"27 Second Set Download"

The title of this post was one of the top search results for this blog yesterday.  That means one of two things: either people are really hoping Second Set shows up on Comixology or one of the other legal, for-pay download sites soon, or they're trying to find a torrent for the book so they can steal it.  I wonder which it could possibly be? I don't want to be too negative about this stuff, because I know that having an audience is important, and the idea that people care enough about what I'm writing to seek it out - legally or illegally - is still fairly novel to me.  But it still burns a little.  A friend of mine sold a few copies of an upcoming issue of his book at a con, only to see it hit the torrents the next day.  That meant that someone had to buy it from the creator, make small talk with him, look him in the eye (well, probably - you get some weird types at cons), and then turn right around and screw him as hard as he could.  I'm not necessarily even faulting the downloaders that much.  I don't love that, but I understand it.  Books are expensive, and a lot of them suck.  Sometimes you want to try before you buy, or get something that's out of print, or... hell, it's just easier.  I get that (although it's still crappy!)  But the SCANNERS... now those guys I don't get.  It's not like with a CD, where you just have to rip the MP3 and upload it.  That's a two-minute process.  But scanning a comic book, at least as I understand how it's done, takes a minimum of 40 minutes, and can be much longer for complex books with lots of 2-page spreads.

After writing that last paragraph, but before writing this one, I headed over to a chat room I know where a bunch of scanners hang out and started asking questions.  I learned that people do it for reasons they mainly think are altruistic (making books accessible, creating archives of old, out of print material, sticking it to the big companies who charge too much for middling-at-best books, etc.)  I didn't get much of an answer when I asked about books from creators who have to pay to create their own books, and who live and die by monthly sales that can be influenced in a big way by piracy.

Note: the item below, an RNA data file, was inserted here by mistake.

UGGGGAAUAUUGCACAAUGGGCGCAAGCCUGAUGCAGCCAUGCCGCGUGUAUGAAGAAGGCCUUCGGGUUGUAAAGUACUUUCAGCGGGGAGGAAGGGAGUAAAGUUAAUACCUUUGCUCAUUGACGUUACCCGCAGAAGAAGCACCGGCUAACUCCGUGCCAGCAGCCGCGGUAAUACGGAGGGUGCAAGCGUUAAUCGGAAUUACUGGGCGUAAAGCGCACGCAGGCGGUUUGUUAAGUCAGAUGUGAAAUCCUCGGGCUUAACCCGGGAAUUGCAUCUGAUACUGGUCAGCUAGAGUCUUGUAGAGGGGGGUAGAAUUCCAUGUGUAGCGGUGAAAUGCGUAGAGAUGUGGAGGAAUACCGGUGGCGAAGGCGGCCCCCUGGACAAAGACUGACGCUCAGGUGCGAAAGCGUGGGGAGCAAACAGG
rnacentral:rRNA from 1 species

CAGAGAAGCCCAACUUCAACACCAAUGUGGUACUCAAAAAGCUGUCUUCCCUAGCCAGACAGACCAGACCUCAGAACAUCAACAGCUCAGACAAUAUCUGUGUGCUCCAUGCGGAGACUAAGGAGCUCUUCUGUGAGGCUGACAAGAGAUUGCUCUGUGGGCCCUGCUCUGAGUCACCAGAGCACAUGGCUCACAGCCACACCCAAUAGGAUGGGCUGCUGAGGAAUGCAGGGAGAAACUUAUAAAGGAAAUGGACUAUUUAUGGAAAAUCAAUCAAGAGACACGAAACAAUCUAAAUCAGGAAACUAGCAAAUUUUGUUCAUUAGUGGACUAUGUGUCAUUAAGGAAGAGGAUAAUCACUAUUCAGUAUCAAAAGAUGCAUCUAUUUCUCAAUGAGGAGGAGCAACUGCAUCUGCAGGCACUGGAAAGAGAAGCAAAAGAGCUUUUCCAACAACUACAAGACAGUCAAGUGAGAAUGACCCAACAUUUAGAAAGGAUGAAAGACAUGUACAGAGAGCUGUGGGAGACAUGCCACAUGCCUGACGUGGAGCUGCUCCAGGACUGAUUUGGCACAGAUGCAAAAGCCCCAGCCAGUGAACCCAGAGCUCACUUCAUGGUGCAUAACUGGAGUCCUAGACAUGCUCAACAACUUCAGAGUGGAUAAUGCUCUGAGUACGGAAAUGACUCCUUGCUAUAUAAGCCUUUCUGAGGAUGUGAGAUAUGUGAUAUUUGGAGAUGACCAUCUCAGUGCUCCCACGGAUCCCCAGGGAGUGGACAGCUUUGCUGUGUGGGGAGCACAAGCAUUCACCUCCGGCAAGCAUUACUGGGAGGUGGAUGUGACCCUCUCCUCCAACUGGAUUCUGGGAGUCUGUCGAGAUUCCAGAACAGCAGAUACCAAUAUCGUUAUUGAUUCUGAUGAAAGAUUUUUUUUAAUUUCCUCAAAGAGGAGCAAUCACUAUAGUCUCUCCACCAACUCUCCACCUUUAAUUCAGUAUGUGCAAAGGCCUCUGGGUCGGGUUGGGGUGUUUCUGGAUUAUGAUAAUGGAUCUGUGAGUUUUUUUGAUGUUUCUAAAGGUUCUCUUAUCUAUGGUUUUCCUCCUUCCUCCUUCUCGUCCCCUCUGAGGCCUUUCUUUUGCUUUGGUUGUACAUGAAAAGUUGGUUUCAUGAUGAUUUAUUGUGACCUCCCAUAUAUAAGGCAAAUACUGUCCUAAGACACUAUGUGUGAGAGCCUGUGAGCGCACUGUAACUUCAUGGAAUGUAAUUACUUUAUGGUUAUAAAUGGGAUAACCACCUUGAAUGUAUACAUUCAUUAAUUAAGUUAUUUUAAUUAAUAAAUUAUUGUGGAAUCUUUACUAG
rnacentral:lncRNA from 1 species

I heard a lot about "try before you buy," and I can understand that, because there is a lot of bad stuff out there, and times are tough.  On the other hand, isn't it really just that people want to get stuff for free?  I also don't want to be hypocritical here - I've downloaded tons of stuff in my time, including comics.  My personal reasons weren't much more complex than those described above.  Knowing that, there's no way I'm going to go on some sort of moralistic rant about downloading.  But, again, scanning - what I heard was that most of the scanners call themselves "fans."  They see themselves as Robin Hoods, stealing overpriced books from the rich conglomerates and giving them to the poor masses who can't afford or can't find the books.

But holy crap, man - when you do it to almost any creator-owned book, it's most definitely stealing from the poor to give to the... well, probably richer, because the downloaders aren't spending all their dough to make comic books.

I left the chat room just by asking people to consider supporting the indie books they like.  I think it's okay to check out something before you invest in a trade or even floppies, but once you've done that and you realize you DO like it?  Continuing to download at that point is just the worst.  If that's what you're doing, then me and all the other indie creators whose books you like (and steal) think you suck.  In this day and age, there are endless ways to get books at all levels of obscurity even if you don't have a cool shop near you, from great online retailers like Midtown Comics, to DCBS, to Comixology.  Prices are often deeply discounted, and you can get them in print or digital versions.  No excuses.

NYCC 2011

27 Second Set One-Hit Wonder Challenge Day 9 - She Drives Me Crazy